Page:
From Film to Book—<i>Dianoia</i> and <i>Noesis</i>

Richard Werbner

in Holy Hustlers, Schism, and Prophecy

Published by University of California Press

Published in print April 2011 | ISBN: 9780520268531
Published online May 2012 | e-ISBN: 9780520949461 | DOI:
From Film to Book—Dianoia and Noesis

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This chapter deals with the counterbearing of the invisible on the visible, and the inaudible or ineffable on the audible. Many paradoxes of the presence that is somehow an absence prevail in prayer, diagnosis, prescription, and exorcism. Prophecy realizes that counterbearing through very different moments. Some come in the mastery of the materiality of witchcraft, others in the patients' subjection and submission, and still others in revelation and the embodiment of the Word in the devotional subject. Perhaps most paradoxical and yet most highly valued by the Apostolics themselves are the moments that represent the redress of the afflicted body in the calming dew, the peace of Jesus, the very Incarnation that is, for Christians, the Presence of Absence. The engagement with these moments of dynamic counterbearing is pervasive in the film Holy Hustlers.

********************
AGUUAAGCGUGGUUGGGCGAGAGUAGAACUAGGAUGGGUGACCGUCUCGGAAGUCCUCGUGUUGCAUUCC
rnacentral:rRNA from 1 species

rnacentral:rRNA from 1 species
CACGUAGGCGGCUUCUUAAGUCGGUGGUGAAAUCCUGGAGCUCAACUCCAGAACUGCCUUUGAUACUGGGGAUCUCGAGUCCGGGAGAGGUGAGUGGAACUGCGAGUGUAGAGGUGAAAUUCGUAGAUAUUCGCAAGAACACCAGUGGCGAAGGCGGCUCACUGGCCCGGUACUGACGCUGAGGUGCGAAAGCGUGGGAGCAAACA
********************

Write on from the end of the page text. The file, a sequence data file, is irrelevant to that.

Keywords: counterbearing; presence; absence; prayer; diagnosis; prophecy; witchcraft; Apostolics; Jesus; Holy Hustlers

Chapter.  5632 words. 

Subjects: Anthropology of Religion

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